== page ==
Marc Benioff, CEO of Salesforce, speaks at the GLAAD Gala at Metreon on September 8, 2016 in San Francisco, California.
Kimberly White Getty Images for GLAAD
By Kathy Bloomgarden
June 25, 2018

#BlackLivesMatter. #LoveWins. #MeToo.

Chances are you’ve either written one of these hashtags or they’ve shown up on your social feed at some point in the last year.

While social activism has been around for generations (moving its platform from the streets in earlier days to social media in recent years), there is now a new player at the table that until recently, had never had a voice: the socially active CEO.

In the last few years, CEOs of major Fortune 500 companies have broken the secret cardinal rule that corporations and their leaders should remain neutral on social issues, so as to not alienate a large segment of potential customers who may disagree. Business leaders felt they could (and in fact should) stay quiet. They were afraid speaking up could cost them customers, sales, and their reputation.

But in an era of political polarization, in which we are increasingly cloistered in neighborhoods, social networks, and workplaces that serve as echo chambers for our ideological beliefs, corporate neutrality may be outdated. Today, as brands seek to “personalize” their relationships with consumers, is adopting a political orientation part of closing the deal?

The CEO as “influencer”

There is a long history of corporations wielding influence on public policy through lobbying, but CEO activism is newer and less understood. Because there has been little, if any, research on it, Harvard recently conducted an experiment about its impact. The findings suggest that CEO activism can sway public opinion—and actually also increase interest in buying the company’s products. Nearly two-thirds of respondents say they want CEOs to take the lead on policy change instead of waiting for government.

Other surveys have shown that more people want to work at companies with activist CEOs, and consumers are willing to buy more in support of activist companies. And CEOs who are not only more active on social media, but also engage more on personal topics tend to be more successful, according to a recent report by Ruder Finn.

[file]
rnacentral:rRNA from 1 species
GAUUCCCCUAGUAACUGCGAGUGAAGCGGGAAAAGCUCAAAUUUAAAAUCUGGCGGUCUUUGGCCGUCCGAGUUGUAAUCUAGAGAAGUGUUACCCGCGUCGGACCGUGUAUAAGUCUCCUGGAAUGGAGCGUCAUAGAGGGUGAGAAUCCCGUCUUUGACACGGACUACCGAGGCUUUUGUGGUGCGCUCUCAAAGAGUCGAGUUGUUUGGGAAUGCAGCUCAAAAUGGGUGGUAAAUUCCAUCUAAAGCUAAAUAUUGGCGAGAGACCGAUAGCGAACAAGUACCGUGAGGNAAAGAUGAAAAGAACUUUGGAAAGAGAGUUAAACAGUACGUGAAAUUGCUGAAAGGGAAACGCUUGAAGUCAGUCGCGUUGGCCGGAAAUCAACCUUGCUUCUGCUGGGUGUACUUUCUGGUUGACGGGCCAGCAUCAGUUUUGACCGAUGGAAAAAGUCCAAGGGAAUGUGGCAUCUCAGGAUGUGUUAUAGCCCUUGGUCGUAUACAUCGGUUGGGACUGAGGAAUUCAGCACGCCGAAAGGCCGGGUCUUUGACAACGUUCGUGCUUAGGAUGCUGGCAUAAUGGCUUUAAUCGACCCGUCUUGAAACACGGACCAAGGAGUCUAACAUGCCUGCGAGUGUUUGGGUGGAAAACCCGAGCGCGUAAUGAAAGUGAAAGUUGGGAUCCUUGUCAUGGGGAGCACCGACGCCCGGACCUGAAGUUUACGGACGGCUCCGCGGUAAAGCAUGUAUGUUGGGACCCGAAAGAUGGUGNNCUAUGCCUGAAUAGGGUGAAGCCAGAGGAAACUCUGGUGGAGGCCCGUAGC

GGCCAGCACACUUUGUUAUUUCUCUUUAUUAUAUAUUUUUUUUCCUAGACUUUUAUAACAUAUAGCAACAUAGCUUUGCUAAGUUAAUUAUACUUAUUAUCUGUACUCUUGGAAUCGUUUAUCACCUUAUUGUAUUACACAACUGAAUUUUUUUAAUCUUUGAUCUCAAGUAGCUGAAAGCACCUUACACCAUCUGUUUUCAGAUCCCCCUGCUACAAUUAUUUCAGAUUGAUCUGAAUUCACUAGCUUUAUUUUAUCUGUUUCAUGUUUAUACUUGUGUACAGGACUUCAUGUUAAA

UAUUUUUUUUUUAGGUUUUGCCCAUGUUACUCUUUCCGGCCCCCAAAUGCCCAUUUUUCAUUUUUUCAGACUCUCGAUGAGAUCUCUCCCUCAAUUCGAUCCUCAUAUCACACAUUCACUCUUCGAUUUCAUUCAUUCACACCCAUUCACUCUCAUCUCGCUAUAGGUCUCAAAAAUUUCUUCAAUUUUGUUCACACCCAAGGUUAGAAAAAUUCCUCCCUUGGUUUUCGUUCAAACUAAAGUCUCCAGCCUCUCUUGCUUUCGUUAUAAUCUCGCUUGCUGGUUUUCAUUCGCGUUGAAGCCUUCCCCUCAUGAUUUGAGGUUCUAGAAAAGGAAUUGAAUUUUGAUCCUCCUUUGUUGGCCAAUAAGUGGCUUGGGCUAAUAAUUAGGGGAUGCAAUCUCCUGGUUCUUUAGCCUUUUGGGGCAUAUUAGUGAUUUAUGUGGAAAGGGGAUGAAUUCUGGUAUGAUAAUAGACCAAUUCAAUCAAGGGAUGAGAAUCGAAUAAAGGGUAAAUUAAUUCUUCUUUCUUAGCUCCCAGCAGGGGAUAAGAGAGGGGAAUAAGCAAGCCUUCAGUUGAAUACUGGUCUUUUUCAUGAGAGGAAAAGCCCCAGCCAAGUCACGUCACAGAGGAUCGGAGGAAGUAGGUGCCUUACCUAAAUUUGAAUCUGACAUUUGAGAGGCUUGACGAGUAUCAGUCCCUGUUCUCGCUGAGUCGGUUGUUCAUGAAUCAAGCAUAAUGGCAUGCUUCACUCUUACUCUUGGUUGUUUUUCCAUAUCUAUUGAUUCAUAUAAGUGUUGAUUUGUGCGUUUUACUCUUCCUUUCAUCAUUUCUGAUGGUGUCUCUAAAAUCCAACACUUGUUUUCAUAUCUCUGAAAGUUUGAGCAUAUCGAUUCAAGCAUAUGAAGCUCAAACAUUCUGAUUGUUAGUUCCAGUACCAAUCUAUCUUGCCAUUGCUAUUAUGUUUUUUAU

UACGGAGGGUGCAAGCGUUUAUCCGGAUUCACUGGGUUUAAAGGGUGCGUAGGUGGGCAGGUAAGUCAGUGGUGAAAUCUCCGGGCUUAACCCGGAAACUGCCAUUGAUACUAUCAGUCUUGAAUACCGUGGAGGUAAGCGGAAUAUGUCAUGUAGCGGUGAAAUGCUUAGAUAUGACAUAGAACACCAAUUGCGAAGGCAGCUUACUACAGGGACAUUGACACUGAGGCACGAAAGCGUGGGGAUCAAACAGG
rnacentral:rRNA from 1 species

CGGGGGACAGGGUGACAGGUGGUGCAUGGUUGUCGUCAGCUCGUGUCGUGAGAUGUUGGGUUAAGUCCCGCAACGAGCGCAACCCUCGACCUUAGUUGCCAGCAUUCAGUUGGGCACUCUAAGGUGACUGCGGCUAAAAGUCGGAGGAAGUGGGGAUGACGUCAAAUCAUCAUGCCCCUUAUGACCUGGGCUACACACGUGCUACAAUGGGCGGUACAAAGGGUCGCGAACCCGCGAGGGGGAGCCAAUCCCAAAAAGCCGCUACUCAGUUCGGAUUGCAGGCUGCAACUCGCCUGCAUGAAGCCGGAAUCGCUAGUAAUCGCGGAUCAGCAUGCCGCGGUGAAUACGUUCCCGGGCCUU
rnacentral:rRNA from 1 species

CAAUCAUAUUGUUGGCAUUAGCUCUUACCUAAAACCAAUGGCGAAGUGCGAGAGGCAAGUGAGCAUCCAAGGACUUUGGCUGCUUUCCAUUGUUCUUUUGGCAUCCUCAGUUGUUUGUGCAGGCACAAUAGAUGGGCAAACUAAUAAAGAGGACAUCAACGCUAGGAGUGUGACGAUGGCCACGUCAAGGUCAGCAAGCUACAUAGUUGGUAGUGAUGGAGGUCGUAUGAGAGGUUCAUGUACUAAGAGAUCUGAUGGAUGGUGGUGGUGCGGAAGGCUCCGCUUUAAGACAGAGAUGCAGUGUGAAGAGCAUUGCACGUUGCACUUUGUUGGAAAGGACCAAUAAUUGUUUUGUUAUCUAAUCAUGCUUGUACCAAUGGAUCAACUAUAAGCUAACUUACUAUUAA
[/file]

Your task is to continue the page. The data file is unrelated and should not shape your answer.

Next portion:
Activism: part of the job requirement?

Three business school professors began studying CEO activism three years ago, and noted in a recent Harvard Business Review article, “We believe that the more CEOs speak up on social and political issues, the more they will be expected to do so. And increasingly, CEO activism has strategic implications: In the Twitter age, silence is more conspicuous—and more consequential.”

Marc Benioff, CEO of Salesforce, was one of the earlier pioneers of CEOs who speak out, and was called an “activist CEO” by The Wall Street Journal in 2016 when he fought for gay rights and encouraged others to do the same. Benioff has spent the last few years making public calls to action for CEOs to embrace accountability and activism in the Fourth Industrial Revolution, and recently tweeted, “CEO activism is not a leadership choice, but a modern — and an evolving — expectation. CEOs have to realize that Millennials are coming into the organization and expecting the CEO to [publicly] represent the values of that organization.”

Beyond “corporate social responsibility”